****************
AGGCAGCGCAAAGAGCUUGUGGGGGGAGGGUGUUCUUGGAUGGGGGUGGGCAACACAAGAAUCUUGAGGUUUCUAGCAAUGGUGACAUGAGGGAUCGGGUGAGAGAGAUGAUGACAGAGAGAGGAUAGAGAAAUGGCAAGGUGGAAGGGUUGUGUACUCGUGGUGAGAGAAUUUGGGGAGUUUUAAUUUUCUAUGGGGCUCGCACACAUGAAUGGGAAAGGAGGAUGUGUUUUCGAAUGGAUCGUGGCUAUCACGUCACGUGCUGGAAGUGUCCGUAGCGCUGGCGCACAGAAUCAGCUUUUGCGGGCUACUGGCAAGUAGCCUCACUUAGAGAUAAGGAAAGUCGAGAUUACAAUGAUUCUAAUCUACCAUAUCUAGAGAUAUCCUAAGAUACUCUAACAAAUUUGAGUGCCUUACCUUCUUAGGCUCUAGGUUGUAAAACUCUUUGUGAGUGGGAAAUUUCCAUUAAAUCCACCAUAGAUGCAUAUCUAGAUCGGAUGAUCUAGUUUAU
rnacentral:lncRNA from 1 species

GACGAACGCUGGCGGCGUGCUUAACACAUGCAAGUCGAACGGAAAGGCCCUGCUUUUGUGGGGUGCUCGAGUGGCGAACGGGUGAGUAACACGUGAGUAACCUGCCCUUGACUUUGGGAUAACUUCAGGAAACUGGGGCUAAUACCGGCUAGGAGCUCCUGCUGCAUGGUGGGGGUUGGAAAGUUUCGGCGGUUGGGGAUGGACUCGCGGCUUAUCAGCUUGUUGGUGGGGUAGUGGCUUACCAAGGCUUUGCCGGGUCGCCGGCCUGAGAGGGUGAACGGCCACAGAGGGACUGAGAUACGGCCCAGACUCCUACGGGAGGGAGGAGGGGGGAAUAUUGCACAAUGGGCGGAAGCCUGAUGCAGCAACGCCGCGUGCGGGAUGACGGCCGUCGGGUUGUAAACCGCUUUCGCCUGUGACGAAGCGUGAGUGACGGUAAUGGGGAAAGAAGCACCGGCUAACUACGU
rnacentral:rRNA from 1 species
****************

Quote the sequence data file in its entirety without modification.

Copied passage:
AGGCAGCGCAAAGAGCUUGUGGGGGGAGGGUGUUCUUGGAUGGGGGUGGGCAACACAAGAAUCUUGAGGUUUCUAGCAAUGGUGACAUGAGGGAUCGGGUGAGAGAGAUGAUGACAGAGAGAGGAUAGAGAAAUGGCAAGGUGGAAGGGUUGUGUACUCGUGGUGAGAGAAUUUGGGGAGUUUUAAUUUUCUAUGGGGCUCGCACACAUGAAUGGGAAAGGAGGAUGUGUUUUCGAAUGGAUCGUGGCUAUCACGUCACGUGCUGGAAGUGUCCGUAGCGCUGGCGCACAGAAUCAGCUUUUGCGGGCUACUGGCAAGUAGCCUCACUUAGAGAUAAGGAAAGUCGAGAUUACAAUGAUUCUAAUCUACCAUAUCUAGAGAUAUCCUAAGAUACUCUAACAAAUUUGAGUGCCUUACCUUCUUAGGCUCUAGGUUGUAAAACUCUUUGUGAGUGGGAAAUUUCCAUUAAAUCCACCAUAGAUGCAUAUCUAGAUCGGAUGAUCUAGUUUAU
rnacentral:lncRNA from 1 species

GACGAACGCUGGCGGCGUGCUUAACACAUGCAAGUCGAACGGAAAGGCCCUGCUUUUGUGGGGUGCUCGAGUGGCGAACGGGUGAGUAACACGUGAGUAACCUGCCCUUGACUUUGGGAUAACUUCAGGAAACUGGGGCUAAUACCGGCUAGGAGCUCCUGCUGCAUGGUGGGGGUUGGAAAGUUUCGGCGGUUGGGGAUGGACUCGCGGCUUAUCAGCUUGUUGGUGGGGUAGUGGCUUACCAAGGCUUUGCCGGGUCGCCGGCCUGAGAGGGUGAACGGCCACAGAGGGACUGAGAUACGGCCCAGACUCCUACGGGAGGGAGGAGGGGGGAAUAUUGCACAAUGGGCGGAAGCCUGAUGCAGCAACGCCGCGUGCGGGAUGACGGCCGUCGGGUUGUAAACCGCUUUCGCCUGUGACGAAGCGUGAGUGACGGUAAUGGGGAAAGAAGCACCGGCUAACUACGU
rnacentral:rRNA from 1 species